• Advanced life deferred annuities — Amendments will permit an advanced life deferred annuity (ALDA) to be a qualifying annuity purchase under an RRSP, RRIF, deferred profit sharing plan (DPSP), pooled registered pension plan (PRPP) and a defined contribution registered pension plan (RPP), as well as a qualified investment for a trust governed by an RRSP or RRIF. An ALDA will be a life annuity, the commencement of which may be deferred until the end of the year in which the annuitant turns 85. Individuals will be subject to both a lifetime ALDA limit in relation to a transfer from a particular qualifying plan (referred to as an “excess ALDA transfer”), as well as a comprehensive lifetime ALDA dollar limit of CA$150,000 for all qualifying plans (indexed to inflation for taxation years after 2020, rounded to the nearest CA$10,000). Individuals who exceed the ALDA dollar limit or have an excess ALDA transfer will generally be subject to a 1% per-month penalty tax on the greater of the two excesses; however, in certain circumstances this tax may be waived or cancelled. Various conditions and rules related to the taxation of annuity payments, death benefits and refunds are set out in proposed section 146.5, and the penalty tax rules are set out in proposed Part XI of the Income Tax Act.
    • Variable payment life annuities — Amendments will permit PRPPs and defined contribution RPPs to provide a variable payment life annuity (VPLA) to members directly from the plan. A VPLA will provide payments that may be adjusted annually depending on the investment performance of the underlying annuities fund and on the mortality experience of VPLA annuitants. Administrators of a PRPP or defined contribution RPP will be allowed to establish a separate annuities fund under the plan to receive transfers of amounts from members’ accounts to provide VPLAs (i.e., direct employee and employer contributions to the annuities fund will be prohibited). For a plan to establish such an arrangement, a minimum of 10 retired members must participate in the VPLA arrangement on an ongoing basis. Additional requirements must also be met by a VPLA. For example, payments must commence by the later of the end of the year in which the member attains 71 years of age and the end of the calendar year in which the VPLA is acquired.
  • Registered disability savings plans (RDSP) — Amendments to remove the time limitation on the period that an RDSP may remain open after a beneficiary ceases to be eligible for the disability tax credit (DTC), and to remove the requirement for medical certification that the beneficiary is likely to become DTC-eligible in the foreseeable future, effective as of 1 January 2021. As a transitional measure, an RDSP issuer will not be required to close an RDSP after 18 March 2019 and before 2021 solely because an RDSP beneficiary ceases to be eligible for the DTC or a previous election to allow an RDSP holder to keep an RDSP open ceases to be valid. Amendments will also permit a rollover of proceeds from a deceased individual’s RRSP, RRIF, PRPP or RPP to the RDSP of a financially dependent infirm child or grandchild that is not DTC-eligible provided the rollover occurs by the end of the fourth calendar year following the first full year throughout which the beneficiary is ineligible for the DTC (effective as of 19 March 2019).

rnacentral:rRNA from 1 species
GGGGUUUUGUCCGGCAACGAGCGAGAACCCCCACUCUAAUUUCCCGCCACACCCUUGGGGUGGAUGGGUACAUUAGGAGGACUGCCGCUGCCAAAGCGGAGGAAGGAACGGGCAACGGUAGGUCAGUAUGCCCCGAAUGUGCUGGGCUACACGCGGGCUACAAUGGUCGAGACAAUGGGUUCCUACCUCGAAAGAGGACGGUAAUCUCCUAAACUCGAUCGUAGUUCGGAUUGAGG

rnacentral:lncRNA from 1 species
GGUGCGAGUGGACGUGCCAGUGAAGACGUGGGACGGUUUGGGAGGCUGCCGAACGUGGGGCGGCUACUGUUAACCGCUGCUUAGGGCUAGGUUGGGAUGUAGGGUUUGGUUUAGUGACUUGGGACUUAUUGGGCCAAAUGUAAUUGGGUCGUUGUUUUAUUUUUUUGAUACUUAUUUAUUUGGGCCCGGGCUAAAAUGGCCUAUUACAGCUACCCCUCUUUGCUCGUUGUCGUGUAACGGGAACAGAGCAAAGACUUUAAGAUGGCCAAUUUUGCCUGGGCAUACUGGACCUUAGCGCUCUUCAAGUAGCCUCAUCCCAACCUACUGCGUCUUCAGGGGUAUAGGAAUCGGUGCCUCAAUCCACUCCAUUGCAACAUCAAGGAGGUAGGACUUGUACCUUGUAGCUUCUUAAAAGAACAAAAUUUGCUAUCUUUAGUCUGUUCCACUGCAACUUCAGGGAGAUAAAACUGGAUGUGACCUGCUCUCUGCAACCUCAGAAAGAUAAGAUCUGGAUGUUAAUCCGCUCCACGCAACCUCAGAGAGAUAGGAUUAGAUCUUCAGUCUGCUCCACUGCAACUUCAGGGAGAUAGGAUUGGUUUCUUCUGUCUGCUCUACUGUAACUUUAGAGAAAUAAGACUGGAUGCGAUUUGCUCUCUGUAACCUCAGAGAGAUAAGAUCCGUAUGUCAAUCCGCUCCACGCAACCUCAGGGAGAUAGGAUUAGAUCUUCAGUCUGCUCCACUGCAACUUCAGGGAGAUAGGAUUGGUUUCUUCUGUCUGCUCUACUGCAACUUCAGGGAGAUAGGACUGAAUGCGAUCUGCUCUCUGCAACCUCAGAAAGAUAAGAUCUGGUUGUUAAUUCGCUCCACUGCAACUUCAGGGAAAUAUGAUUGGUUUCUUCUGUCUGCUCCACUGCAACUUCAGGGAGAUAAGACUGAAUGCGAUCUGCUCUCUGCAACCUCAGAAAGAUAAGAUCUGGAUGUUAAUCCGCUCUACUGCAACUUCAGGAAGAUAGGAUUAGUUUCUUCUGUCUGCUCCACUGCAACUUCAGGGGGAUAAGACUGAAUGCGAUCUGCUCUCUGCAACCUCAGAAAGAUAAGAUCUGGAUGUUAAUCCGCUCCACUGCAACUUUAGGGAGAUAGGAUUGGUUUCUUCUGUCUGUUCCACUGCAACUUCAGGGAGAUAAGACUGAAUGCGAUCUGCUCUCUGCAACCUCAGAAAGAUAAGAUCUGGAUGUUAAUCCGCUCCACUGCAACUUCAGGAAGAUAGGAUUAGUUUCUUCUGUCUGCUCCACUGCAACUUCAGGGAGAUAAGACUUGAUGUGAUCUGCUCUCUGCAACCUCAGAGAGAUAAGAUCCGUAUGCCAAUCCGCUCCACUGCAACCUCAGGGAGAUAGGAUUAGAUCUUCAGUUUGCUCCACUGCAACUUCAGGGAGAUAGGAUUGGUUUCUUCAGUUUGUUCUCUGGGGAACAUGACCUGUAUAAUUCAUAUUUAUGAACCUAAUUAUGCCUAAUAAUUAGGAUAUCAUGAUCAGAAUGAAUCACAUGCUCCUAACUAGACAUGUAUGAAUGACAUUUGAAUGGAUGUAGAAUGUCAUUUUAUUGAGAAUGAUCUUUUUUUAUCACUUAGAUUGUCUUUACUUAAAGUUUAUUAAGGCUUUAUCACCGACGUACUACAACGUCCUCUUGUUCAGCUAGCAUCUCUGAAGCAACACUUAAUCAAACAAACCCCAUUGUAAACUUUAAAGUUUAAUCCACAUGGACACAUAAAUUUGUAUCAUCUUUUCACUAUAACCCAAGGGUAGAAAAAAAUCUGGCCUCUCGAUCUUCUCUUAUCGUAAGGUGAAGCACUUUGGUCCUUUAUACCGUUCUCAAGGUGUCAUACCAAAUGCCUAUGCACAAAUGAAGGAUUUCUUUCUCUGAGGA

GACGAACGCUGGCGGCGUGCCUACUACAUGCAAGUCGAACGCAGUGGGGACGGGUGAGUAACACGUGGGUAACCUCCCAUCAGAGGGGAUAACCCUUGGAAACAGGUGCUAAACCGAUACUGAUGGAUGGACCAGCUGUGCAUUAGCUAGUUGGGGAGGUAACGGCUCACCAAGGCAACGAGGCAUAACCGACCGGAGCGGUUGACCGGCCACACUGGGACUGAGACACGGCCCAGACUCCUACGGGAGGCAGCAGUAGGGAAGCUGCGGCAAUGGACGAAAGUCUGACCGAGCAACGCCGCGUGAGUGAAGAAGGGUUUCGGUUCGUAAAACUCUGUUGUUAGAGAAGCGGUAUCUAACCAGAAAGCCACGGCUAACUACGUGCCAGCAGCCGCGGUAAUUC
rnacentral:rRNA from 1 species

• Specified multi-employer plan (SMEP) contributions — Amendments to prohibit contributions to an SMEP for a member of the plan after the calendar year in which the member turns 71, and to a defined benefit provision of an SMEP during a period (other than a qualifying period) in which the member is in receipt of retirement benefits from a defined benefit provision of the plan. A qualifying period generally refers to a period in which the member is employed by an employer who participates in the plan. These amendments apply in respect of contributions made pursuant to any collective bargaining agreement entered into after 2019 (other than to contributions made on or before the date the agreement is entered into).
  • Pensionable service under individual pension plans (IPPs) — Amendments to prohibit tax-deferred transfers to an IPP in respect of past years of employment that were pensionable service under a defined benefit plan of an employer other than the IPP’s participating employer (or its predecessor employer). Any assets transferred from a former employer’s defined benefit plan to an IPP that relate to benefits provided in respect of prohibited service will be considered to be a non-qualifying transfer that is required to be included in the income of the member for income tax purposes. This measure generally applies as of 19 March 2019.


1. See EY Global Tax Alert, Canada issues Federal Budget 2019/20: Investing in the middle class, dated 20 March 2019.

2. See EY Global Tax Alert, Canada’s CCA acceleration measures enacted as part of 2019 budget implementation bill, dated 25 June 2019.

For additional information with respect to this Alert, please contact the following:

Ernst & Young LLP (Canada), Toronto
  • Linda Tang |
  • Mark Kaplan |
  • Phil Halvorson |
  • Terry McDowell |
Ernst & Young LLP (Canada), Montréal
  • Albert Anelli |
  • Angelo Nikolakakis |
  • Nicolas Legault |
  • Nik Diksic |
Ernst & Young LLP (Canada), Calgary
  • Mark Coleman |
Ernst & Young LLP (Canada), Vancouver
  • Eric Bretsen |
Ernst & Young LLP, Canadian Tax Desk, New York
  • Trevor O’Brien |